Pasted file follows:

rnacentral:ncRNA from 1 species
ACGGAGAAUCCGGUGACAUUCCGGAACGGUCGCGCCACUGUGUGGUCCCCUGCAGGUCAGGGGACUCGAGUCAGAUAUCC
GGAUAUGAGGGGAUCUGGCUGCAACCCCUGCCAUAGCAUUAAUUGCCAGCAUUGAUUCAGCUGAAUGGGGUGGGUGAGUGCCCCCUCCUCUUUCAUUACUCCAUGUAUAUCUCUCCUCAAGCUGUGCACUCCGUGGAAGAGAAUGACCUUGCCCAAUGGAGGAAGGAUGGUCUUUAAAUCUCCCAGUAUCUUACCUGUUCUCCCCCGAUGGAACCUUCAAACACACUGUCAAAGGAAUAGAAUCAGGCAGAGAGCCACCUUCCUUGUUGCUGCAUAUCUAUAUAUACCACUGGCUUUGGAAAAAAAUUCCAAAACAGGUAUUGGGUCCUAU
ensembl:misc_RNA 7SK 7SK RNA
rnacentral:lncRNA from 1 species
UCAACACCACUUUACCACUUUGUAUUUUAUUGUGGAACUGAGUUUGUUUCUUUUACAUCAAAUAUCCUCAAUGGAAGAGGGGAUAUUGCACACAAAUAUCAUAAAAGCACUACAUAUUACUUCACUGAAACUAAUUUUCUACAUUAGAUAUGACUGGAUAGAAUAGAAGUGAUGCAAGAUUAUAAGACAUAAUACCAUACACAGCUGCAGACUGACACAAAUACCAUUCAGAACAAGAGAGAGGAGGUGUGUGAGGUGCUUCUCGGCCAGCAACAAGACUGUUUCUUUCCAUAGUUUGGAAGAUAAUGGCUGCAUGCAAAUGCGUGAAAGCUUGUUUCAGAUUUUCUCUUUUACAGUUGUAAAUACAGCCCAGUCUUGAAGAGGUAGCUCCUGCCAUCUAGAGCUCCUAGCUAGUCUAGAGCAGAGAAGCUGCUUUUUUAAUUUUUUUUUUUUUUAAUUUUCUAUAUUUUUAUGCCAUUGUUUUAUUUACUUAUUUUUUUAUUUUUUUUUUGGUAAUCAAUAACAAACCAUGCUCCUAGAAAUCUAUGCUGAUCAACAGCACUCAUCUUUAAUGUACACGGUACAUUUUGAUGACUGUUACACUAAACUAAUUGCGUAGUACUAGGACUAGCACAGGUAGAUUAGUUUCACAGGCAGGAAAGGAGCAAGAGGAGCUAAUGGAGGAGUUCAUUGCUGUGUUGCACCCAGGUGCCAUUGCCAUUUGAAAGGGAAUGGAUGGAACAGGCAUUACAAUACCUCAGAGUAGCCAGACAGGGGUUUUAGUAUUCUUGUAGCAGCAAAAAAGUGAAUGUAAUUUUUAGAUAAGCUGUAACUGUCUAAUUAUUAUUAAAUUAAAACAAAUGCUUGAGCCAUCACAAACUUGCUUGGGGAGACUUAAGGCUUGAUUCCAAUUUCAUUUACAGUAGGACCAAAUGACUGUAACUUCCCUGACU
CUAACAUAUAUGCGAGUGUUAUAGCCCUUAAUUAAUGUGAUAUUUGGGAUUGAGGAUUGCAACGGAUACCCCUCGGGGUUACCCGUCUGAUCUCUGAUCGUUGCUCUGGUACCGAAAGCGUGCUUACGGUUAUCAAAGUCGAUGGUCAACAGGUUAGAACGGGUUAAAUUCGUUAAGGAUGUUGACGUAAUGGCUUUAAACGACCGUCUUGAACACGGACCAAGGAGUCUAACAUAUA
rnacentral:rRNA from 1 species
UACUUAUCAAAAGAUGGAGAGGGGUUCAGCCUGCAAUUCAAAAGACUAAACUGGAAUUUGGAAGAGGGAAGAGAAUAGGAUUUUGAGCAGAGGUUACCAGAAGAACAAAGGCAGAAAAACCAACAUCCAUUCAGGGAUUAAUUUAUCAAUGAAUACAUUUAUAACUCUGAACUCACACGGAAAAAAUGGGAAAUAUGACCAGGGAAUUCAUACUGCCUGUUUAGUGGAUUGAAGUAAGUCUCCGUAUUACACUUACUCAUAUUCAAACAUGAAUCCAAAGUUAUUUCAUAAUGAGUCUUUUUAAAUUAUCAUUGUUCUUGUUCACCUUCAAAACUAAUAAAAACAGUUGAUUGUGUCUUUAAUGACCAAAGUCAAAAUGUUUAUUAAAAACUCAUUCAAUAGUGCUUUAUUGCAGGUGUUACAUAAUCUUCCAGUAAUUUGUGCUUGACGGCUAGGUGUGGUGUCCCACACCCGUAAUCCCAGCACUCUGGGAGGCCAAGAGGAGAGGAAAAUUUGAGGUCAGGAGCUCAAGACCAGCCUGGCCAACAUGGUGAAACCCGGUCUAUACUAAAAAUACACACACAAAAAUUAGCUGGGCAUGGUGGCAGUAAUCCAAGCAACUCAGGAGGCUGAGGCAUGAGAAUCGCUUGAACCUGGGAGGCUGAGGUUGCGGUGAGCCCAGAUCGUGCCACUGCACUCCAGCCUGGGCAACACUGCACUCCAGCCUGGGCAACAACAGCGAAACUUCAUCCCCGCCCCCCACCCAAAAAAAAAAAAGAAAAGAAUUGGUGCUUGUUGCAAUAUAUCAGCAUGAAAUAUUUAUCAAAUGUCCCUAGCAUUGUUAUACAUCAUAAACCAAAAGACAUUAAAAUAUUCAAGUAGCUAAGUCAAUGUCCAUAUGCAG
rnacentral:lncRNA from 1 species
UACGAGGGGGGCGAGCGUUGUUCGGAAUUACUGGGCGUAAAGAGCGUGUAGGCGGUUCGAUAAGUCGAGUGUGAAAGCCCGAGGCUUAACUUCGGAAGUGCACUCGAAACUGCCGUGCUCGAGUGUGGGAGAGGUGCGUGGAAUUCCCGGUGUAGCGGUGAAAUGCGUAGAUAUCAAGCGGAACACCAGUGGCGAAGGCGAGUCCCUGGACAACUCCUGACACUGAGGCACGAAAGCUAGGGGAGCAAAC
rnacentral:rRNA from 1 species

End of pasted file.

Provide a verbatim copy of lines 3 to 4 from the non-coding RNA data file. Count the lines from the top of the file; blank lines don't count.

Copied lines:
GGAUAUGAGGGGAUCUGGCUGCAACCCCUGCCAUAGCAUUAAUUGCCAGCAUUGAUUCAGCUGAAUGGGGUGGGUGAGUGCCCCCUCCUCUUUCAUUACUCCAUGUAUAUCUCUCCUCAAGCUGUGCACUCCGUGGAAGAGAAUGACCUUGCCCAAUGGAGGAAGGAUGGUCUUUAAAUCUCCCAGUAUCUUACCUGUUCUCCCCCGAUGGAACCUUCAAACACACUGUCAAAGGAAUAGAAUCAGGCAGAGAGCCACCUUCCUUGUUGCUGCAUAUCUAUAUAUACCACUGGCUUUGGAAAAAAAUUCCAAAACAGGUAUUGGGUCCUAU
ensembl:misc_RNA 7SK 7SK RNA